Thanks for you rloving and honest expression about your experience. My church, Community of Christ, also put a variety of groups of people on the “fringe” until we finally woke up to the fact that the “fringes” of society was where Christ spent most of his time in fellowship, teaching and healing, and restoring persons to wholeness. He always welcomed and honored all people. We struggled, as a body, to find a way to be truly welcoming in all aspects of our faith, yet respect each other’s points of view. We worked hard together to hear and understand each other, to reflect on the deeper meanings of scriptures that are often used to divide, and to come to a fuller expression of what it means to wlecome all at the table of Christ. Because of our willingness, persistance, and diligence in this and other issues, this past April my son and his partner were fully supported in their marraige by, not only their families and their home congregation, but also people around the world. He also is preparing to be ordained this year.
Please keep the conversation going. My prayer is for peace and reconciliation as we come into new understandings and love for one another.
I have two sets of comments on your very personal and very accurate post.
This is what was …
You described the events of then perfectly. We did not live up to our own words, chiseled in stone on our church, as you point out. While I was not on that board, I can imagine the conversation, because I have active at this church for decades and know the baggage with which we deal.
This is now …
In the years since you were denied, things have happened. I would not claim that all is well or that we are anywhere near what we should be, but we are closer than before. Much of the credit for that IS due to your courage and willingness to speak out. We still discuss this event as we continue, but we are moving from simply regretting it to learning from it and changing.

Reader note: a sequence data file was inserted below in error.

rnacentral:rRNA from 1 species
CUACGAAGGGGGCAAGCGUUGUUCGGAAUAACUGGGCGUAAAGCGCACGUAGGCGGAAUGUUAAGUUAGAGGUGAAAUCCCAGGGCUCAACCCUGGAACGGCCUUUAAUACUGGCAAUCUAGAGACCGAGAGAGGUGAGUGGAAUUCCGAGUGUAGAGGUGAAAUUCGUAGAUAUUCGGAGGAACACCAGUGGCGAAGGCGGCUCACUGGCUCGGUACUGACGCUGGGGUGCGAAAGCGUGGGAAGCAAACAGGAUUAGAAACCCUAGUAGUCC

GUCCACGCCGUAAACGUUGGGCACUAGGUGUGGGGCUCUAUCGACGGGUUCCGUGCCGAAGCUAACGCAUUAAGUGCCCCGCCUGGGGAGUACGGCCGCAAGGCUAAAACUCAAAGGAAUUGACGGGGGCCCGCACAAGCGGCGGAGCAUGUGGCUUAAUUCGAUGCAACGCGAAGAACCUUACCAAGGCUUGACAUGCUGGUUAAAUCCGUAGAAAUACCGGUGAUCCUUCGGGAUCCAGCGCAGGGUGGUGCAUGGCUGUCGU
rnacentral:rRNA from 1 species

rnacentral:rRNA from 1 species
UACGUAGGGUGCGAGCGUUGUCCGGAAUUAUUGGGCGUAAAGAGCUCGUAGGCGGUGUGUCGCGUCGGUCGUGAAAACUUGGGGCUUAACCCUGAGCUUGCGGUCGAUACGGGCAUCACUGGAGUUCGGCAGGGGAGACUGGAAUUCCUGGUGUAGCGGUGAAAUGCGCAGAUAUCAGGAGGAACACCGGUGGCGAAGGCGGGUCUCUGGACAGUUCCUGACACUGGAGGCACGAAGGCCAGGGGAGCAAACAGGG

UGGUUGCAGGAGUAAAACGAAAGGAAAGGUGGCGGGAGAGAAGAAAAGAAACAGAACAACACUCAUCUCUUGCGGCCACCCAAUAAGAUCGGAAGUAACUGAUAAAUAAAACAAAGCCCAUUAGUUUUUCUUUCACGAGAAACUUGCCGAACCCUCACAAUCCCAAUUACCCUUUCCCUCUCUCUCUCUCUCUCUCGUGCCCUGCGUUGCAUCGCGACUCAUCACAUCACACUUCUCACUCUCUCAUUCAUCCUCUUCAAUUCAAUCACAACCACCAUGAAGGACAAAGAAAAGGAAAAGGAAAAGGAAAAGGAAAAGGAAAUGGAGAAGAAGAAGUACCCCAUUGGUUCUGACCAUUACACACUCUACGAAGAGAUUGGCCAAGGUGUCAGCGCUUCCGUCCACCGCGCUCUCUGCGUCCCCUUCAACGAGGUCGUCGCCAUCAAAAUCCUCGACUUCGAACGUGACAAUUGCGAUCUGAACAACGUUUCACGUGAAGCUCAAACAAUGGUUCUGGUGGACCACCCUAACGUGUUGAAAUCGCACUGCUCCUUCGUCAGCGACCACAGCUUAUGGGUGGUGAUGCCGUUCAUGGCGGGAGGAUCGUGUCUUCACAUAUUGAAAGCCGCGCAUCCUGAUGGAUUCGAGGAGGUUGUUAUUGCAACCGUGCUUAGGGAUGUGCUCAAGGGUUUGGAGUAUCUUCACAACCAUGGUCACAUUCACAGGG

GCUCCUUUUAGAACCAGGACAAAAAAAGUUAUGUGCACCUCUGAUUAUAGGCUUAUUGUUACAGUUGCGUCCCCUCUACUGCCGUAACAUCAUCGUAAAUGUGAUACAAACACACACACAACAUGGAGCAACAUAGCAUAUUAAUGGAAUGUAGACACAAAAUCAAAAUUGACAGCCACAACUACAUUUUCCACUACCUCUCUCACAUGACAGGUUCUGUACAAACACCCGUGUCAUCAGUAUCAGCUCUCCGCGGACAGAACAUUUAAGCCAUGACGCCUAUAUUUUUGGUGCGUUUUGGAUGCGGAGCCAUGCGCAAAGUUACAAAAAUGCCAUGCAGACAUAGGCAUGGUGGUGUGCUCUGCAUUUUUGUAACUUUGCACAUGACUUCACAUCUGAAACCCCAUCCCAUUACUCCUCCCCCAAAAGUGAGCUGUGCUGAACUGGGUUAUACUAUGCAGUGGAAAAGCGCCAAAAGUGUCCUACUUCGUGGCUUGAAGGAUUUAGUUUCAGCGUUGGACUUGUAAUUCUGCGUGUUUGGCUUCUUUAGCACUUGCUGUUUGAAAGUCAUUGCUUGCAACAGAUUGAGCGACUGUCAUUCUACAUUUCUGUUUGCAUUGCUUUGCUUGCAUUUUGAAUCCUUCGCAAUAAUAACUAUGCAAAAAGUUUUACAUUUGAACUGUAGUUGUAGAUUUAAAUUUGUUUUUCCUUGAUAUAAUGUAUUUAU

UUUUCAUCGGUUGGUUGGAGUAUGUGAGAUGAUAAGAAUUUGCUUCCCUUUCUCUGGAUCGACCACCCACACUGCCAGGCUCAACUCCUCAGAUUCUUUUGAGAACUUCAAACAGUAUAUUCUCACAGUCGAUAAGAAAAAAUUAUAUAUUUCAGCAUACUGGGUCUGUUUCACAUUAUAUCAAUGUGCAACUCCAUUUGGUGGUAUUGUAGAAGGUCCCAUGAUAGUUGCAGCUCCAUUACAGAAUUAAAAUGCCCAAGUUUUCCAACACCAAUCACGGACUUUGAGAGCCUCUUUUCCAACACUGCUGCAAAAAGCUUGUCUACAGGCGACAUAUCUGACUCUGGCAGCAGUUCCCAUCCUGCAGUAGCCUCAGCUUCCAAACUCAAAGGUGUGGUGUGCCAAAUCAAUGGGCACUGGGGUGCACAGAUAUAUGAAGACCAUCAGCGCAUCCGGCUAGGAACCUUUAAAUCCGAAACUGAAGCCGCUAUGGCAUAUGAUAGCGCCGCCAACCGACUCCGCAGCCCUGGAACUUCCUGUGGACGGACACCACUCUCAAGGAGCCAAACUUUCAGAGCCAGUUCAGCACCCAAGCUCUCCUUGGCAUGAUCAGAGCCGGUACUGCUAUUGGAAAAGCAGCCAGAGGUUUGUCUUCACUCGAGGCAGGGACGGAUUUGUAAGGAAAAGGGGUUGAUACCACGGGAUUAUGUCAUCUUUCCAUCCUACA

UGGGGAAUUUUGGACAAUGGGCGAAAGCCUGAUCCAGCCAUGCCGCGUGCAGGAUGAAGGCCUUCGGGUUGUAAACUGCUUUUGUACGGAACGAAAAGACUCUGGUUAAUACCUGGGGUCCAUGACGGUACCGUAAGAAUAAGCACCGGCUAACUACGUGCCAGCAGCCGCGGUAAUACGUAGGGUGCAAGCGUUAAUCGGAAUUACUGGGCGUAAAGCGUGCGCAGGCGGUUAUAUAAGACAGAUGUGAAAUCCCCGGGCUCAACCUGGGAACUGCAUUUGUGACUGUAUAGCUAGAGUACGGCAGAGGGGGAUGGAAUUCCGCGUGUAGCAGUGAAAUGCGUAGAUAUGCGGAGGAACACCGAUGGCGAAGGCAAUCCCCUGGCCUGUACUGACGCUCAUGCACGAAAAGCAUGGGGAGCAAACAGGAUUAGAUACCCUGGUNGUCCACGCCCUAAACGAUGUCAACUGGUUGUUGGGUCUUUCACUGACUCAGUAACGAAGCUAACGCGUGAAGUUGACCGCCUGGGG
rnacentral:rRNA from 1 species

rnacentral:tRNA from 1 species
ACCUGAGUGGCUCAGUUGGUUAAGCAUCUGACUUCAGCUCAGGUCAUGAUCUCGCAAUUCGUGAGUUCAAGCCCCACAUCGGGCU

The leadership that was is not the leadership that now exists. The constitution which gave the board the ability to nitpick and discuss a thing to death is gone. A small and committed group of lay leaders, along with our minister, are moving forward to create a new constitution, a new leadership structure, and a new view of what it means to be church, As a member of that group, I can say that we are not in the mood to let the past dictate our future.
In many ways, the congregation now is also not the congregation that was. the ebb and flow of life through deaths, illness, births, and new members has changed what we look like. As is often pointed out now, new members are joining us as we are now and as we aspire to be, not as we were in some semi-mythical past.
As I said earlier, much of the motivation for those of us who desire to truly live God’s word comes from your story and others like it. We know what we want to be and what we will not allow to continue.
Is every single member of our congregation “full in” with this? No … but plenty of us are and most are willing to change with us.
I hope and believe that when you join us again for worship or any other activities that you find a better welcome than in the past … and I hope you join us again something soon. I miss your energy and smile:)
I echo the sentiments that John Smith put forward. I too want to thank you for your courage that indeed helped us move forward on the path. Your struggle and desire for inclusion made me and others re-think everything. It helped us see outside ourselves to another view point. We have grown as a result. Yes, you brought voice to what was lurking in some of our hearts that we didn’t know how to express. I would urge you to keep the faith, so to speak. The next generation of all struggles in justice stand on the shoulders of those that came before. But you have a vibrant and important voice that has spoken and will, I hope continue to speak and be heard, even if the ears the message reaches are slow to action.
We would love to see you again.
Thank you all for your kind words. Aside from the time I describe in this post, I have never found anything but welcome at my home church. I hope many faith communities are stirred by my story and others like it, and I hope we all work to come ever closer to creating communities that reflect the radical love of God.